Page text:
New blood test may someday help guide the best treatment for aggressive prostate cancer

Charlie Schmidt

Editor, Harvard Medical School Annual Report on Prostate Diseases

Tumors that spread, or metastasize, in the body shed cells into blood that doctors can scrutinize for insights into what a patient’s cancer might do. Analyzing these so-called circulating tumor cells (CTCs) isn’t part of routine care yet, in part because they’re so hard to pick out of the millions of normal cells in a blood sample. Still, scientists are making progress in this area. And in June, a research team reported that treatment decisions made on the basis of CTC testing had increased lifespans in men with an aggressive type of metastatic prostate cancer.

Doctors usually treat metastatic prostate cancer with drugs that interfere with how a man’s body makes or uses testosterone, which is the male hormone (or androgen) that accelerates the tumor’s spread. If the standard hormone-blocking treatments aren’t effective, then doctors have two other options: they can either give chemotherapy drugs known as taxanes, or shift to other hormone blockers that act specifically on the cancer cell’s androgen receptor. Known as androgen receptor signaling (ARS) inhibitors, these alternative hormone blockers include an agent called enzalutamide and another called abiraterone. But neither of them will work if the androgen receptor has a genetic mutation called AR-V7 that also makes the tumors grow very aggressively.

With mounting evidence showing that the mutation doesn’t affect a man’s response to taxanes, researchers began to wonder if screening for AR-V7 in CTCs could guide them to the most appropriate treatment. That’s what a team at the Memorial Sloan Kettering Cancer Center in New York set out to investigate.

Here’s what they did

They began by collecting blood samples from 142 men with metastatic prostate cancer who weren’t responding to standard hormonal therapy. After their CTCs were screened for the AR-V7 protein, the men were treated either with ARS inhibitors or taxanes at their doctor’s discretion. The treating doctors had no knowledge of each patient’s AR-V7 status.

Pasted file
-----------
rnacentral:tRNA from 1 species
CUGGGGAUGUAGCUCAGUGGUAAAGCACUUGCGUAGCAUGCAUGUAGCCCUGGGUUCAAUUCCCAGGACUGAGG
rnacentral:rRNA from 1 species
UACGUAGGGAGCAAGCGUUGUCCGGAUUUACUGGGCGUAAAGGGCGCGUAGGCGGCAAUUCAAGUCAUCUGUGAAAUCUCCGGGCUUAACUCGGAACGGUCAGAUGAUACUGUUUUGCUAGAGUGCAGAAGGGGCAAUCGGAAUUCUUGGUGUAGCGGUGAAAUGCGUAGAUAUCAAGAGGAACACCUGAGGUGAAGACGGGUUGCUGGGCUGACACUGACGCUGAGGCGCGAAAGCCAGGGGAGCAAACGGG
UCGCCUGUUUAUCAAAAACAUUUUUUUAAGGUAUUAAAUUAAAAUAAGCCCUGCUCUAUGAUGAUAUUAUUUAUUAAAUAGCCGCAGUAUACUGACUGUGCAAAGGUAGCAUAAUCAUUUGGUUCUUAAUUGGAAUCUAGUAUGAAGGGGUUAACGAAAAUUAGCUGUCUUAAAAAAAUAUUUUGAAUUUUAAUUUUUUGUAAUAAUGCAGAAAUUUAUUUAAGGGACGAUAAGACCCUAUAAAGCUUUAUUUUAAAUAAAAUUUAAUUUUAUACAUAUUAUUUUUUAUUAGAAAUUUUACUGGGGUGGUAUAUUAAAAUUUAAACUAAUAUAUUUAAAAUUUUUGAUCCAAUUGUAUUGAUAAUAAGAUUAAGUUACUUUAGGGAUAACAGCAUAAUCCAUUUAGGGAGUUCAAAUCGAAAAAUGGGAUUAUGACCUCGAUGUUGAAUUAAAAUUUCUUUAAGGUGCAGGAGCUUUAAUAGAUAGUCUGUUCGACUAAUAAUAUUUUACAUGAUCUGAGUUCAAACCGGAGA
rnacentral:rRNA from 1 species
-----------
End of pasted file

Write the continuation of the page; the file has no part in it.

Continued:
Half the men wound up being treated with ARS inhibitors and the other half with taxanes. And as it turns out, the men who tested negative for AR-V7 lived longer when treated with ARS inhibitors; their median survival was 19.8 months, compared to 12.8 months among the taxane-treated men. Conversely, the men who tested positive for AR-V7 lived longer when given taxanes: their median survival was 14.3 months, compared to 7.3 months among the men treated with ARS inhibitors.

The results mark a significant advance for AR-V7 as a guide to more effective, personalized treatment, and also for CTCs as “liquid biopsies” that doctors can easily sample for important prognostic information.

“The research adds to an expanding body of knowledge related to AR-V7 in prostate cancer,” said Dr. Marc Garnick, the Gorman Brothers Professor of Medicine at Harvard Medical School and Beth Israel Deaconess Medical Center, and editor in chief of HarvardProstateKnowledge.org. “Hopefully the utility and availability of this test will become more widespread, and further enhance our ability to select the best treatments for specific patients based on the molecular characteristics of their disease.”

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